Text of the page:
[globaloutlookDH-l] Visibility of Research: What can DH do to help?

Ernesto Priego efpriego at gmail.com
Wed Mar 19 02:16:55 MDT 2014


Thank you Isabel and Alex. The workshop was last week. I came back from
Nairobi on Wednesday night. The materials I shared are outcomes from the
workshop.

Best

Sent from my mobile
On Mar 18, 2014 7:37 PM, "igalina" <igalina at unam.mx> wrote:

>  Hola Ernesto,
>
> Hope you manage to read this in time.
>
> You mention:
>
> "I am sharing with you these thoughts because I am interested in what
> role the digital humanities can play in this context. Are DH research
> projects/outputs merely a subgroup of all research subject to online
> discoverability, or are the digital humanities a potentially key player in
> the development of strategies to make research visible and accessible
> online? Is the development of technologies and strategies to enhance the
> discoverability, accessibility, sustainability, preservation etc. of
> [particularly social sciences, arts and humanities] research?"
>
>
>  From experience here in Mexico, and Latin America in general, I think
> that it is more likely that formal digital publishing outputs (in
> particular research articles) are more likely to be of interest than DH
> projects/outputs that tend to takes shapes and forms that decision makers
> and evaluators are not sure how to deal with.  In this sense DH
> projects/outputs can be key players in challenging notions of what academic
> research production can look like, but 'authorities' (can't find a better
> word but I mean the people that approve a project and give you funding or
> support) tend to like things that they recognize. So DH project/outputs
> have a double challenge, they are digital and they are not familiar. So
> online discoverability projects tend to focus on journal articles above
> all. Key Latin American projects such as Redalyc, Scielo, Latindex to name
> a few are all based on journal publishing.  In the past few years there has
> been an increasing interest in the publication of ebooks, which are more
> related to the Humanities, but again more in the formal publishing line.
>  DH projects/outputs still tend to be individual initiatives with little or
> no institutional back up and placed on personal web space or on the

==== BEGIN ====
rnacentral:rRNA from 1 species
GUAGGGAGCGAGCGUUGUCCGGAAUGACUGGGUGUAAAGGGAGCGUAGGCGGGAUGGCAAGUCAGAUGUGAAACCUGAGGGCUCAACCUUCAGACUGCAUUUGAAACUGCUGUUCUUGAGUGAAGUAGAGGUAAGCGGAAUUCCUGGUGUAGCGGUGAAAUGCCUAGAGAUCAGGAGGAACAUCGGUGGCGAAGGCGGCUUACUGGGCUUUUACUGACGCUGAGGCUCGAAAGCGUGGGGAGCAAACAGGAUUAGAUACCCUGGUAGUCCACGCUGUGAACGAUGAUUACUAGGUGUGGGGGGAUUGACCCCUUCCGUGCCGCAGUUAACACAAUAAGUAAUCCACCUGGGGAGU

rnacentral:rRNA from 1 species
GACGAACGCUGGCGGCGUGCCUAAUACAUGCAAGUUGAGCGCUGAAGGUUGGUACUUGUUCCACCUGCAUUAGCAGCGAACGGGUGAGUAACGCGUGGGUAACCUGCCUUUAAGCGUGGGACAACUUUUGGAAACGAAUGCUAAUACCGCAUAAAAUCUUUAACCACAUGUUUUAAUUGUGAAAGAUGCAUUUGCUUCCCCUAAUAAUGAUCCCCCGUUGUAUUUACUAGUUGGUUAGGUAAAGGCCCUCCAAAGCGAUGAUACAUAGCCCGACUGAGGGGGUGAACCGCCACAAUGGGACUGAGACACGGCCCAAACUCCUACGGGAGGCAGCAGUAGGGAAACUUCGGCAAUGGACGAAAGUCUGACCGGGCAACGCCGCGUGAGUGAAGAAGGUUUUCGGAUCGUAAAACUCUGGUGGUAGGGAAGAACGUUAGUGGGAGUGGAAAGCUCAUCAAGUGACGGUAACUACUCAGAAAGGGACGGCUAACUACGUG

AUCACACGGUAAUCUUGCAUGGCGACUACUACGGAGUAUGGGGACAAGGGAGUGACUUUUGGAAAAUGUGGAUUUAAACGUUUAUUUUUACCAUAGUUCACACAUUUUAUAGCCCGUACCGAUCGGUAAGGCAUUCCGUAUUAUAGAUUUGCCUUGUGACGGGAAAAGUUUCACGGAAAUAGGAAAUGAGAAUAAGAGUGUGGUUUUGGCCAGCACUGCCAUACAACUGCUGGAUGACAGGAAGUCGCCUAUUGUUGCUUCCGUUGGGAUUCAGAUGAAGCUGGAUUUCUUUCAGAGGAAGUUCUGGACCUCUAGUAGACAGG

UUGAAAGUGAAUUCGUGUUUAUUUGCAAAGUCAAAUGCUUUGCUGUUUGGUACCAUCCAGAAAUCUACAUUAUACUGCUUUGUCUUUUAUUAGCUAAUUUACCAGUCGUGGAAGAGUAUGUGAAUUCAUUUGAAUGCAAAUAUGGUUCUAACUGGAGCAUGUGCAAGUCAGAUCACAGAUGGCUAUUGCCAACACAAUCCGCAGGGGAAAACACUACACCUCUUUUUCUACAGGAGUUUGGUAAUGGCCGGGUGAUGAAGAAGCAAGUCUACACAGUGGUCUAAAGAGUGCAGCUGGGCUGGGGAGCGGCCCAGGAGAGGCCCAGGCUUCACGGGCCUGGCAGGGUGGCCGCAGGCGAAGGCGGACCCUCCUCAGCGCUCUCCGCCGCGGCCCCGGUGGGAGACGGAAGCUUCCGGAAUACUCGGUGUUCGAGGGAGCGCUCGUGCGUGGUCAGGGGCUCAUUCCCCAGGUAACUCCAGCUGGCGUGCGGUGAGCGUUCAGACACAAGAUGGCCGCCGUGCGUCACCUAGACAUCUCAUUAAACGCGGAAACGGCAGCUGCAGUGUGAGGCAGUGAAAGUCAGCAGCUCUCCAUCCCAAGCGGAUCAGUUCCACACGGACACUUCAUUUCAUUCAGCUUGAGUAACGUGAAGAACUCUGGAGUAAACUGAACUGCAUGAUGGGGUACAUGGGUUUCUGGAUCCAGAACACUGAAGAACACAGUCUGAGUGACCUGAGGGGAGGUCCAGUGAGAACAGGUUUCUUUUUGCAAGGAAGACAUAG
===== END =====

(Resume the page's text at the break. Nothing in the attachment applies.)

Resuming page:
> institutional website but in an informal manner.
>
>
>  Hope this is useful and looking forward to hearing your report from
> Kenya.
>
> Best,
>
> Isabel
>
>
>
>
>  ----------
> Dra. Isabel Galina Russell
> Instituto de Investigaciones Bibliográficas,
> Universidad Nacional Autónoma de México (UNAM)
> igalina at unam.mx
> @igalina
>   ------------------------------
> *De:* globaloutlookdh-l <globaloutlookdh-l-bounces at uleth.ca> en nombre de
> Alex Gil <colibri.alex at gmail.com>
> *Enviado:* martes, 18 de marzo de 2014 06:33 a.m.
> *Para:* A list for participants in the ADHO DH Global Outlook Community
> *Asunto:* Re: [globaloutlookDH-l] Visibility of Research: What can DH do
> to help?
>
>  Networking any new friends with us sounds like a good solid first step!
>
>  Safe travels, Ernesto.
>
>  a.
>
>
> On Thu, Mar 6, 2014 at 5:21 AM, Ernesto Priego <efpriego at gmail.com> wrote:
>
>>  Hello everyone,
>>
>>  This Saturday I am flying to Kenya to participate in the Workshop on the
>> Discoverability of African Scholarship Online organised by the OpenUCT
>> Initiative and Carnegie Corporation (some info at
>> http://openuct.uct.ac.za/events/workshop-discoverability-african-scholarship-online).
>>
>>  As the workshop's documentation states it,
>>
>>  The requirement by funders and research agencies that open access
>>> outputs not only be online, but also that content be curated and archived
>>> in repositories and databases with associated metadata in line with
>>> international best practice, additionally means that the content generated
>>> by the North will generally be shared in a fashion that facilitates optimal
>>> findability and interoperability.
>>>
>>> Visibility and interoperability with other online platforms and